What is Spark?
Apache® Spark™ is an open-source cluster computing framework with in-memory processing to speed analytic applications up to 100 times faster compared to technologies on the market today. Developed in the AMPLab at UC Berkeley, Apache Spark can help reduce data interaction complexity, increase processing speed, and enhance mission-critical applications with deep intelligence.
Highly versatile in many environments, Apache Spark is known for its ease of use in creating algorithms that harness insight from complex data. Spark was elevated to a top-level Apache Project in 2014 and continues to expand today.
IBM is committing to the Apache Spark project with investments in design-led innovation and broad-scale education programs to promote open source innovation and accelerate intelligence into every application.
The Basics & Getting Started
Remember, to be eligible for prizes, submissions must an Apache Spark application that addresses a real business problem or core business concern related to customer care, marketing, risk management, or operations. Your Apache Spark application should be something that a business’s stakeholders could use and deploy in the future.
To meet the minimum eligibility requirements you must:
- Identify a business need that could be informed by data analysis.
- Find data (publicly available data or data from your own business) to analyze using Apache Spark to inform that business need.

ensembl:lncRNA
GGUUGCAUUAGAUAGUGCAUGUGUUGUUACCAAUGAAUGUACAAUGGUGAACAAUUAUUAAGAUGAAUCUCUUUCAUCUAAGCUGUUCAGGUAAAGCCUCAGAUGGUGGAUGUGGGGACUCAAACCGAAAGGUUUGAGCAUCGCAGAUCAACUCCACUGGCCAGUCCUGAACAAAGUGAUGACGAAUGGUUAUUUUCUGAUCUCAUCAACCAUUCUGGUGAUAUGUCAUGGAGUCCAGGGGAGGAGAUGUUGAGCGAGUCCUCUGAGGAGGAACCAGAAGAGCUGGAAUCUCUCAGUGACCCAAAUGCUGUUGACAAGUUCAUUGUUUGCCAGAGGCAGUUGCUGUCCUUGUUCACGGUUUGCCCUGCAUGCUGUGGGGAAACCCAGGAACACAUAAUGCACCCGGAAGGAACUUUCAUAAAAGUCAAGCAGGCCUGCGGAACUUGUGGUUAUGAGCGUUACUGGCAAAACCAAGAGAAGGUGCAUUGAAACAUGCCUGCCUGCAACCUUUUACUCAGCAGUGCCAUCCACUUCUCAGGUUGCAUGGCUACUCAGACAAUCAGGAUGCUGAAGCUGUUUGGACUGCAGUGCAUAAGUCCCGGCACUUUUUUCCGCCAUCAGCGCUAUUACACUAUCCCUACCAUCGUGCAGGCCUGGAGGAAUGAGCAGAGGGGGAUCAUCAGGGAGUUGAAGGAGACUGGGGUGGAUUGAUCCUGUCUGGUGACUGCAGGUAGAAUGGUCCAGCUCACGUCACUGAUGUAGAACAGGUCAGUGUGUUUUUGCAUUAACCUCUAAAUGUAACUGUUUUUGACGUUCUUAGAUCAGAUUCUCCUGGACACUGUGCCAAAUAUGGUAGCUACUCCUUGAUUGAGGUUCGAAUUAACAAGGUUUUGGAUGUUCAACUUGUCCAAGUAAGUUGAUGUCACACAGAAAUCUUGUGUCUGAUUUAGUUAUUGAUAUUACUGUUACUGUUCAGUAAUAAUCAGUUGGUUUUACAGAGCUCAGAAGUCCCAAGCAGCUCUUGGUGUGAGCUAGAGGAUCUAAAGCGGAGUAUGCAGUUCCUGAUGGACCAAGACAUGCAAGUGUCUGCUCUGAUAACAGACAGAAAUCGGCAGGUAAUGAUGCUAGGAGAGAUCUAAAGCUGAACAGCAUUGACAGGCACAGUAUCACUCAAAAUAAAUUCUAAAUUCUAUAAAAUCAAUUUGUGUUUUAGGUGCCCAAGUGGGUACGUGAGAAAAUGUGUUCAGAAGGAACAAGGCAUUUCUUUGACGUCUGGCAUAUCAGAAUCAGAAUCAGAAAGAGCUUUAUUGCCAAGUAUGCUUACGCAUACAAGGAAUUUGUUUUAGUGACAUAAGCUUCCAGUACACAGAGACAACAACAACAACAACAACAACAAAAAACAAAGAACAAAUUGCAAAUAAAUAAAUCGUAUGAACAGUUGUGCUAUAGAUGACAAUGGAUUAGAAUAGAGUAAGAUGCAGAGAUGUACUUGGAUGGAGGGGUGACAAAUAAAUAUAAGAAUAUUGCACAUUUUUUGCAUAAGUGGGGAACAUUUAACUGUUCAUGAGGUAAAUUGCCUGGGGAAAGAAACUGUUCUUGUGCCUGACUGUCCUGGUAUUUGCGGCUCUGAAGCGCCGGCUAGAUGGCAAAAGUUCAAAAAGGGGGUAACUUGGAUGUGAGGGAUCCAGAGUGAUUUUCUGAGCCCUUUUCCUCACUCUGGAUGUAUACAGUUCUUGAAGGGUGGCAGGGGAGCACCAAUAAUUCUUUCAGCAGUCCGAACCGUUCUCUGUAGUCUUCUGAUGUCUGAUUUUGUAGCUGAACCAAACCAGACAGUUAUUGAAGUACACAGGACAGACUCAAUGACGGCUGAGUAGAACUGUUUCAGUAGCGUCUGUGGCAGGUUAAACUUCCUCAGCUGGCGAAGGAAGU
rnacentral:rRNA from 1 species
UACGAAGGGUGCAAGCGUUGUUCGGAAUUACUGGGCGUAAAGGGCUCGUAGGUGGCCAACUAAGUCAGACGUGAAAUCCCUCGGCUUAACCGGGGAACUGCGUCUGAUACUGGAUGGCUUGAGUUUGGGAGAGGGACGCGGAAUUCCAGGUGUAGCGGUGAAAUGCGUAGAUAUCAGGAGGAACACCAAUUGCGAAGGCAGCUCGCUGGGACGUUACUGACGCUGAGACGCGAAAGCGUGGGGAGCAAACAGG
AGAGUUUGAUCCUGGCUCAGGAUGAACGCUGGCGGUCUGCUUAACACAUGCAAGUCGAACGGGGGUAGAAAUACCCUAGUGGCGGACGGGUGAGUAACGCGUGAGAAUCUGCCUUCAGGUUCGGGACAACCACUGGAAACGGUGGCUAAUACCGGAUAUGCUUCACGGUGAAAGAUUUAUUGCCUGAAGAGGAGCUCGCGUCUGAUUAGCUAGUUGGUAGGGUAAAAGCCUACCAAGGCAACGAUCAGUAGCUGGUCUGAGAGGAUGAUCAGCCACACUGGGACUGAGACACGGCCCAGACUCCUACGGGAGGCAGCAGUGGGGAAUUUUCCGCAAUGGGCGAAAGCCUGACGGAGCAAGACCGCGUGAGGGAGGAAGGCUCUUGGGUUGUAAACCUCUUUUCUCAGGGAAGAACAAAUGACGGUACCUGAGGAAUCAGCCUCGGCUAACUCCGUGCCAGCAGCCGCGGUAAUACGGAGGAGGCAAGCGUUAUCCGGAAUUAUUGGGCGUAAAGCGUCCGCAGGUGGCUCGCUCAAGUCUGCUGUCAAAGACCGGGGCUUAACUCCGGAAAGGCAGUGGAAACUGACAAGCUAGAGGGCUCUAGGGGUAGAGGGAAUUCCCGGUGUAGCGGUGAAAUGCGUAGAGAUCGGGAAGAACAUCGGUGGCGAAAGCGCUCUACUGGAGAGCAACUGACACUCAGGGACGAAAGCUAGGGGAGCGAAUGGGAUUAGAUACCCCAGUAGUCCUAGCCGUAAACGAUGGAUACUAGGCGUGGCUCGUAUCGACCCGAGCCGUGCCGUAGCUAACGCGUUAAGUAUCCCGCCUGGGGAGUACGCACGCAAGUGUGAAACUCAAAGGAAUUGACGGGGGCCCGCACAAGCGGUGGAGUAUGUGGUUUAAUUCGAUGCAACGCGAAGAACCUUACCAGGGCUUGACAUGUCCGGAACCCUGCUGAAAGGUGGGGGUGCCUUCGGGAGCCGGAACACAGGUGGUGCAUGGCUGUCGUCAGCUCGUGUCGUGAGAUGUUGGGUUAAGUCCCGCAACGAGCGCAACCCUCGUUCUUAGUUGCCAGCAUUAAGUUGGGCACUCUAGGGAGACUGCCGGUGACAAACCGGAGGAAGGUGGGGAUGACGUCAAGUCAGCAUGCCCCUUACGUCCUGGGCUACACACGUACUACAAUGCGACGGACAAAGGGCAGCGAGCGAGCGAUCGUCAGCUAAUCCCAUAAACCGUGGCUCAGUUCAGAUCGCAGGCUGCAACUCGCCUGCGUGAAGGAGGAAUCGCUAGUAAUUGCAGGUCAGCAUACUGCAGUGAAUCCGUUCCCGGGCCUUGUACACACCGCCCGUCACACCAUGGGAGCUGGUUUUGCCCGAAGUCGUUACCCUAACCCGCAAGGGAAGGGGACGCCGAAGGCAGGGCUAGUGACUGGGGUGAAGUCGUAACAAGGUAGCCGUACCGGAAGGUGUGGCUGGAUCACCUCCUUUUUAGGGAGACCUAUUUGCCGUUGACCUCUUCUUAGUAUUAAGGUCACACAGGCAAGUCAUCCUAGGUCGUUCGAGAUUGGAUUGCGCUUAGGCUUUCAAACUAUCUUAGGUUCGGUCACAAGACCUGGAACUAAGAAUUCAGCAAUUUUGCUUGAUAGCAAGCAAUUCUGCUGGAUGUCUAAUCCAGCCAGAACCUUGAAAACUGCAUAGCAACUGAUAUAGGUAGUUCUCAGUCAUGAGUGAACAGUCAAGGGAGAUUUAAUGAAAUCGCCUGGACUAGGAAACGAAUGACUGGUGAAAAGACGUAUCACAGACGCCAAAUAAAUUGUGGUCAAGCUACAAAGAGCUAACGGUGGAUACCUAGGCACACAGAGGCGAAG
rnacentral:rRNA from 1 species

- Analyze the data using Apache Spark and share your analysis code for judging (via GitHub or privately shared file). (Applications are encouraged – though not required – to be portable, with the ability to run on different cloud platforms.)
- Showcase your analysis output by including a visual (graphic) or textual explanation of your results, and a video demo explaining your process and outcomes. (Pro tip: we recommend explaining how your entry meets the judging criteria in your video demo or text description, such as the portability of your app.)
OPTIONAL: You may develop a working application that utilizes your Spark-analyzed data to help solve a business need, but this is not required to be eligible for a prize.
Business Need Examples
Not sure what business need to focus on? Your Spark application could:
- Work to support marketing by improving upon an existing “propensity to buy” model to create better offers.
- Support operations by focusing on the design strategy for optimizing shipments of raw materials or scheduling workers.
- Support risk management by monitoring user profiles to build better models for behavior patterns for commerce websites.
We get it: learning a new platform or tool can be overwhelming. You need samples and resources to make your submission great. That’s why we’ve put together this list of sample applications, services, and platforms to help you make your best Spark app!
- Download Apache Spark
- Sample Applications on HackSpark
- The Red Rock Application – Example of a Spark app that’s usable in a business setting by non-technical end users with diverse backgrounds
- Analytics for Apache Spark on IBM Bluemix
- Apache Toree - Provides applications with a mechanism to interactively and remotely access Apache Spark
- Eclairjs - Node.js API for Apache Spark with remote client
- Apache SystemML - Distributed and declarative machine learning platform
- The StackOverflow tag apache-spark is an unofficial but active forum for Spark users' questions and answers.
- Salt (http://unchartedsoftware.github.io/salt/): Built on Apache Spark, Salt generates scalable representations of billions of data points for creating visualizations, including geographic heatmaps, cross-plots or time series, and the layering of multiple data sources and dimensions for contextual overlay.